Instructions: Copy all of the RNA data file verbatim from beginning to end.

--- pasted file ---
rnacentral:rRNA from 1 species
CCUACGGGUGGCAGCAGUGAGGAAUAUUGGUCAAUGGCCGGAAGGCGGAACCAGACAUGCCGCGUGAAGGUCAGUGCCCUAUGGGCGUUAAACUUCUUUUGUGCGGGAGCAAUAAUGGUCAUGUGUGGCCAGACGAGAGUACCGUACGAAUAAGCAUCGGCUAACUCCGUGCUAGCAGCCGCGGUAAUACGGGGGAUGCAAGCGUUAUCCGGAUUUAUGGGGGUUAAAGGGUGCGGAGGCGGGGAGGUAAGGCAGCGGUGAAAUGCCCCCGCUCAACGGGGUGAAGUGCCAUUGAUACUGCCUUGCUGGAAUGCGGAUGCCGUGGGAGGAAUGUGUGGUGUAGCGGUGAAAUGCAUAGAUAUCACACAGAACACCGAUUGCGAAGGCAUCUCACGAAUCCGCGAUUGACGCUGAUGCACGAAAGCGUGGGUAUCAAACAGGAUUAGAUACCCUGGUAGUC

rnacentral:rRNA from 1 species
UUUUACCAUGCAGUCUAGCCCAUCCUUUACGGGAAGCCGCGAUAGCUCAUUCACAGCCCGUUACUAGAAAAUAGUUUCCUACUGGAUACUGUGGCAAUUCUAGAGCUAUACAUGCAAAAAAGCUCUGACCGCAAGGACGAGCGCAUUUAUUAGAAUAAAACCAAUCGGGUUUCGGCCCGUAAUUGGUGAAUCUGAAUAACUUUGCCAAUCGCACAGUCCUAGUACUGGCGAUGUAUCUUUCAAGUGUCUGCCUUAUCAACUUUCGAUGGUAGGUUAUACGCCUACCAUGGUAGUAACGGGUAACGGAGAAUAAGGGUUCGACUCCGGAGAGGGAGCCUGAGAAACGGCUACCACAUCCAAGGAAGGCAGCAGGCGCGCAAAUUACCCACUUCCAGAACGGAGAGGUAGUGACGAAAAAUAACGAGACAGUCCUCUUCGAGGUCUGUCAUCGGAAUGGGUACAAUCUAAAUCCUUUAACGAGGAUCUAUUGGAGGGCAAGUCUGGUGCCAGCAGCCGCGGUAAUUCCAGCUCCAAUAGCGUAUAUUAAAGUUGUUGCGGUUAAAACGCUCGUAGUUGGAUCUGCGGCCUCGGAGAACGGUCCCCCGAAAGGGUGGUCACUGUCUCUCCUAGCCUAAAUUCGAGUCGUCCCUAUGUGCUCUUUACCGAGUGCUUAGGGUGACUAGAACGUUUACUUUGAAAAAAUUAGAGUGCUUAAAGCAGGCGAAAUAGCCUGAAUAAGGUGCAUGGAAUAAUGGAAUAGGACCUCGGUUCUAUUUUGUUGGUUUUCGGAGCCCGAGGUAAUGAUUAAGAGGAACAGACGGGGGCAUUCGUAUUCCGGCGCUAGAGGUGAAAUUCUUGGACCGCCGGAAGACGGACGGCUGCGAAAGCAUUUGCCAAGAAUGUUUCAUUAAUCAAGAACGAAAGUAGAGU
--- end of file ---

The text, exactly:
rnacentral:rRNA from 1 species
CCUACGGGUGGCAGCAGUGAGGAAUAUUGGUCAAUGGCCGGAAGGCGGAACCAGACAUGCCGCGUGAAGGUCAGUGCCCUAUGGGCGUUAAACUUCUUUUGUGCGGGAGCAAUAAUGGUCAUGUGUGGCCAGACGAGAGUACCGUACGAAUAAGCAUCGGCUAACUCCGUGCUAGCAGCCGCGGUAAUACGGGGGAUGCAAGCGUUAUCCGGAUUUAUGGGGGUUAAAGGGUGCGGAGGCGGGGAGGUAAGGCAGCGGUGAAAUGCCCCCGCUCAACGGGGUGAAGUGCCAUUGAUACUGCCUUGCUGGAAUGCGGAUGCCGUGGGAGGAAUGUGUGGUGUAGCGGUGAAAUGCAUAGAUAUCACACAGAACACCGAUUGCGAAGGCAUCUCACGAAUCCGCGAUUGACGCUGAUGCACGAAAGCGUGGGUAUCAAACAGGAUUAGAUACCCUGGUAGUC

rnacentral:rRNA from 1 species
UUUUACCAUGCAGUCUAGCCCAUCCUUUACGGGAAGCCGCGAUAGCUCAUUCACAGCCCGUUACUAGAAAAUAGUUUCCUACUGGAUACUGUGGCAAUUCUAGAGCUAUACAUGCAAAAAAGCUCUGACCGCAAGGACGAGCGCAUUUAUUAGAAUAAAACCAAUCGGGUUUCGGCCCGUAAUUGGUGAAUCUGAAUAACUUUGCCAAUCGCACAGUCCUAGUACUGGCGAUGUAUCUUUCAAGUGUCUGCCUUAUCAACUUUCGAUGGUAGGUUAUACGCCUACCAUGGUAGUAACGGGUAACGGAGAAUAAGGGUUCGACUCCGGAGAGGGAGCCUGAGAAACGGCUACCACAUCCAAGGAAGGCAGCAGGCGCGCAAAUUACCCACUUCCAGAACGGAGAGGUAGUGACGAAAAAUAACGAGACAGUCCUCUUCGAGGUCUGUCAUCGGAAUGGGUACAAUCUAAAUCCUUUAACGAGGAUCUAUUGGAGGGCAAGUCUGGUGCCAGCAGCCGCGGUAAUUCCAGCUCCAAUAGCGUAUAUUAAAGUUGUUGCGGUUAAAACGCUCGUAGUUGGAUCUGCGGCCUCGGAGAACGGUCCCCCGAAAGGGUGGUCACUGUCUCUCCUAGCCUAAAUUCGAGUCGUCCCUAUGUGCUCUUUACCGAGUGCUUAGGGUGACUAGAACGUUUACUUUGAAAAAAUUAGAGUGCUUAAAGCAGGCGAAAUAGCCUGAAUAAGGUGCAUGGAAUAAUGGAAUAGGACCUCGGUUCUAUUUUGUUGGUUUUCGGAGCCCGAGGUAAUGAUUAAGAGGAACAGACGGGGGCAUUCGUAUUCCGGCGCUAGAGGUGAAAUUCUUGGACCGCCGGAAGACGGACGGCUGCGAAAGCAUUUGCCAAGAAUGUUUCAUUAAUCAAGAACGAAAGUAGAGU